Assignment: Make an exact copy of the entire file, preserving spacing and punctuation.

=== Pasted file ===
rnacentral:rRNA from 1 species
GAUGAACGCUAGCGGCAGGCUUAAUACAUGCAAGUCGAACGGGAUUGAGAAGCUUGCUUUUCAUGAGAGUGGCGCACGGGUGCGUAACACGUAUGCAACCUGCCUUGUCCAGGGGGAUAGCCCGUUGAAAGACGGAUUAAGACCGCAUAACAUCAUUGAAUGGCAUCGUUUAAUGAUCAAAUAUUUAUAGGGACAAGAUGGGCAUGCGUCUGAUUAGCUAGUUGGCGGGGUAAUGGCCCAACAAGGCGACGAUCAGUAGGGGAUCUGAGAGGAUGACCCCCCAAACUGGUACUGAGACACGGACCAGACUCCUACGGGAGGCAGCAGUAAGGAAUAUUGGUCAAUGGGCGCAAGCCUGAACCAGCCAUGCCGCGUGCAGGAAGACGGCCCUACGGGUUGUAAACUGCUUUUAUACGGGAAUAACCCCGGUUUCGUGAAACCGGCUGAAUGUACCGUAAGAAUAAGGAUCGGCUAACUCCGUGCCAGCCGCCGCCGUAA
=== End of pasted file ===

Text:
rnacentral:rRNA from 1 species
GAUGAACGCUAGCGGCAGGCUUAAUACAUGCAAGUCGAACGGGAUUGAGAAGCUUGCUUUUCAUGAGAGUGGCGCACGGGUGCGUAACACGUAUGCAACCUGCCUUGUCCAGGGGGAUAGCCCGUUGAAAGACGGAUUAAGACCGCAUAACAUCAUUGAAUGGCAUCGUUUAAUGAUCAAAUAUUUAUAGGGACAAGAUGGGCAUGCGUCUGAUUAGCUAGUUGGCGGGGUAAUGGCCCAACAAGGCGACGAUCAGUAGGGGAUCUGAGAGGAUGACCCCCCAAACUGGUACUGAGACACGGACCAGACUCCUACGGGAGGCAGCAGUAAGGAAUAUUGGUCAAUGGGCGCAAGCCUGAACCAGCCAUGCCGCGUGCAGGAAGACGGCCCUACGGGUUGUAAACUGCUUUUAUACGGGAAUAACCCCGGUUUCGUGAAACCGGCUGAAUGUACCGUAAGAAUAAGGAUCGGCUAACUCCGUGCCAGCCGCCGCCGUAA